|Type of Resource:|
Bound in modern page at front of volume annotated in a modern hand with bibliographic information and a summary of "T. F."'s biography.
Accompanied by typed transcript of the Treatise of Bees &c only.
Binding: nineteenth-century full calf.
For information on the source of acquisition, consult the appropriate curator.
Blanks not digitized.
Tightly bound with some loss of text in the gutter.
Manuscript on paper, in a single cursive hand, of a practical guide to profitable beekeeping for "any poor man that hath but a cottage and a Yard in it." The text covers every aspect of beekeeping from the initial selection of bees through directions for straining honeycombs. There is lengthy discussion of the proper location of hives, and the author recommends stacked wooden boxes, or "stalls," rather than the traditional straw hives.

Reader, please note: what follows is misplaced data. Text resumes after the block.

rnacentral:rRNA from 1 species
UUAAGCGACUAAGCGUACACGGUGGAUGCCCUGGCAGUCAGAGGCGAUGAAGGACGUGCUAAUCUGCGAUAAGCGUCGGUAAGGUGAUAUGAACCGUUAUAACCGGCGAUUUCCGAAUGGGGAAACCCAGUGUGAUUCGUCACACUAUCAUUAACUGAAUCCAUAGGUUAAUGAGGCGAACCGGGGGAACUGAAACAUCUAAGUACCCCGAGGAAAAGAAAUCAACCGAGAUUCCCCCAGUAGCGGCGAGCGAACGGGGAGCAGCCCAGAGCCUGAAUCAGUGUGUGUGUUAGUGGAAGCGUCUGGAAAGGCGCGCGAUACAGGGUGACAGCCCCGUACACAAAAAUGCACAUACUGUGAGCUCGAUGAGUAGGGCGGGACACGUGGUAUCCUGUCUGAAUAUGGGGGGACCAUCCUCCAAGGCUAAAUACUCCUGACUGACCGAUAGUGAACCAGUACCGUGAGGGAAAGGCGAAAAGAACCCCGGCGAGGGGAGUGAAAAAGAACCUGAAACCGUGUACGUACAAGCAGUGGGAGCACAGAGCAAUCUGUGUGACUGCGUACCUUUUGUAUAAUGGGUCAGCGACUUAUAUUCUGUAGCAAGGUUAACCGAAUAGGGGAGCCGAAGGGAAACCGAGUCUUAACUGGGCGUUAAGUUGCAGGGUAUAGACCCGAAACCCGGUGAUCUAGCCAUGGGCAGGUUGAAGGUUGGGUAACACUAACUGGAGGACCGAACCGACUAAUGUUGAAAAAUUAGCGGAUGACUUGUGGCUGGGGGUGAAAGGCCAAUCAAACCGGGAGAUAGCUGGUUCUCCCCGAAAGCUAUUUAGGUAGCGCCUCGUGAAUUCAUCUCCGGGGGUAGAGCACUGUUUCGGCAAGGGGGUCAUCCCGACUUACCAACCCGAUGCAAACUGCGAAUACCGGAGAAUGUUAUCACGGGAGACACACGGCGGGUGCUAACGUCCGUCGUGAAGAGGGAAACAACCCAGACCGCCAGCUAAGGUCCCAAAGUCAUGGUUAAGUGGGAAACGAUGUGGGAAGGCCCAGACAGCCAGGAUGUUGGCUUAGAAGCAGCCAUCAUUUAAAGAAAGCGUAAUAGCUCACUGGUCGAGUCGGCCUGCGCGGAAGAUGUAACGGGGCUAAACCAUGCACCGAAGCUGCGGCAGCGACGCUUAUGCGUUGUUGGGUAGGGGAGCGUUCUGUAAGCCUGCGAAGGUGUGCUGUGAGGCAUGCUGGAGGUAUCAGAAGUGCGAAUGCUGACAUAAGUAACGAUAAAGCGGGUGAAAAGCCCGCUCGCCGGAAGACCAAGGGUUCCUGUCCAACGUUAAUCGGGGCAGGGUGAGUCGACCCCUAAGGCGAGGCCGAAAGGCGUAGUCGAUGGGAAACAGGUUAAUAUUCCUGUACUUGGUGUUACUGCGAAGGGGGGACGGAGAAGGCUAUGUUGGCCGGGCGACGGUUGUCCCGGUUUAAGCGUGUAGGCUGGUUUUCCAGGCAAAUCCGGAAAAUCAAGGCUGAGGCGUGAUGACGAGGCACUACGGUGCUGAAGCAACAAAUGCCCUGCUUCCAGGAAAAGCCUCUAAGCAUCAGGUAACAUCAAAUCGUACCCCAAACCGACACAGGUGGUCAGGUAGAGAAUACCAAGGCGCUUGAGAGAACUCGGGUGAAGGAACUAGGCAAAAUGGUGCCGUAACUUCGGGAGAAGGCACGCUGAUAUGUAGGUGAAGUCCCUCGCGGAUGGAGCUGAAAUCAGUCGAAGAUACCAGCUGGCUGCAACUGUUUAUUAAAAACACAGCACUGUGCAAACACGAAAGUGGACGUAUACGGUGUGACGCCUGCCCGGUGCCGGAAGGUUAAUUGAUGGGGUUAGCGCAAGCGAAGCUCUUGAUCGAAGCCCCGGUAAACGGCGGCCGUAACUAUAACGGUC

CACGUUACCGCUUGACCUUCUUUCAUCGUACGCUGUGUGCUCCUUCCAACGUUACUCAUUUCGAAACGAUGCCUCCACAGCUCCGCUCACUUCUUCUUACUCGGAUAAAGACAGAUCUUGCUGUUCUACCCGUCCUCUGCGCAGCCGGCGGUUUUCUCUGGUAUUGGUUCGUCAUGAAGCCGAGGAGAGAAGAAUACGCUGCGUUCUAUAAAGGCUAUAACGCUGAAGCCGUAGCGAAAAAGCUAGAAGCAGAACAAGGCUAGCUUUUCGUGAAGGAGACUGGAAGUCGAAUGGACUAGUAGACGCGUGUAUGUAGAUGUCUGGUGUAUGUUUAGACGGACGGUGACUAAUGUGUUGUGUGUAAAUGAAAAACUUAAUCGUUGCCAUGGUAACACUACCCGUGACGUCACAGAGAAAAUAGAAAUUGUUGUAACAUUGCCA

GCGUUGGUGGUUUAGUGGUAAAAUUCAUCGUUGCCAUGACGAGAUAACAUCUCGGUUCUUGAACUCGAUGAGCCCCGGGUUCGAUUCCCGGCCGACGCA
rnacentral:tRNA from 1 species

The author also comments on his own twenty years of experience with beekeeping; the outbreak of plague in Newcastle in 1636; the destruction of his first hives by the "Scots army" near Newcastle in February 1642; and his decision to write this work despite his lack of notes "haveing much idle time during my imprisonement at Winchester house."
The text is followed by a detailed and heavily annotated thirty page table of contents in the same hand.
"An Epitome of Mr. Levett's Treatise of the Ordering of Bees, by [T.F.?], Arm:," separately paginated, follows the author's own treatise.
Annotated drawings of beehives in the same hand, p. 31 and p. 81.
1 v. (203 p., with blanks) ; 20 x 15 cm.
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